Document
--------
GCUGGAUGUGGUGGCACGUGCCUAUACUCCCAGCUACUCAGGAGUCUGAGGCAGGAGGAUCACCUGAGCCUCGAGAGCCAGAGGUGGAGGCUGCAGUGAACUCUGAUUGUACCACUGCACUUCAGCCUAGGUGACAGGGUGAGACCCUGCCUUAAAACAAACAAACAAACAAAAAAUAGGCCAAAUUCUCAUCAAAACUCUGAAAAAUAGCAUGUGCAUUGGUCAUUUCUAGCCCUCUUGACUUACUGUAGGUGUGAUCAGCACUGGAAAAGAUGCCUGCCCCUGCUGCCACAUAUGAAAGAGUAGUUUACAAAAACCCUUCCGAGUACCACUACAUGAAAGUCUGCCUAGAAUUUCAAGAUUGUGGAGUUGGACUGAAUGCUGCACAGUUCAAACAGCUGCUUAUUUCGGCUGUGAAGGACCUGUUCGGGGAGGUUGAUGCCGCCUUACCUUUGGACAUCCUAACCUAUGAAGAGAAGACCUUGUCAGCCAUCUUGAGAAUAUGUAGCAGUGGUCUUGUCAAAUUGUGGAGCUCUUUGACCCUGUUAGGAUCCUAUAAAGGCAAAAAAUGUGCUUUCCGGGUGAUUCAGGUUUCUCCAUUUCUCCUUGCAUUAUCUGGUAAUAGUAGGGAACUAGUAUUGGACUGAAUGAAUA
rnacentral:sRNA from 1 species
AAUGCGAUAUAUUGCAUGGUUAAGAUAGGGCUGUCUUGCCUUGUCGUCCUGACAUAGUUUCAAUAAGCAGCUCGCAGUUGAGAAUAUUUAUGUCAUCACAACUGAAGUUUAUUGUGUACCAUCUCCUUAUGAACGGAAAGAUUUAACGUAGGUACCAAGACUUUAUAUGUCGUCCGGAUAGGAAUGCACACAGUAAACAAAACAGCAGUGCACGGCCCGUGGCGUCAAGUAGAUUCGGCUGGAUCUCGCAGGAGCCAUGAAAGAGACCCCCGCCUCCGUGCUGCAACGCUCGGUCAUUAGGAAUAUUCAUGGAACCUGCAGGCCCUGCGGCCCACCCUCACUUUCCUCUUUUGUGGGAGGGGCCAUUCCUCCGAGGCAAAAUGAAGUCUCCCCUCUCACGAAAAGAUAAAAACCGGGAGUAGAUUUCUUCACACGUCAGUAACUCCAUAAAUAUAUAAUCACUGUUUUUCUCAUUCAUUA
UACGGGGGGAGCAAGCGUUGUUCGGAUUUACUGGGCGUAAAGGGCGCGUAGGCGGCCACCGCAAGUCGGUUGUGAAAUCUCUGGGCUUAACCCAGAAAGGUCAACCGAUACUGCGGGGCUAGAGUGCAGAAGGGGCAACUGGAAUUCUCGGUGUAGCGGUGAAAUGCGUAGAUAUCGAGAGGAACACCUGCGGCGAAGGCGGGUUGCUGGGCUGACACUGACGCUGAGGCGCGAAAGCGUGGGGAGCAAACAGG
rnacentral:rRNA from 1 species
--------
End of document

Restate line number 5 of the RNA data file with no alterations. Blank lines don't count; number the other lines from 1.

rnacentral:rRNA from 1 species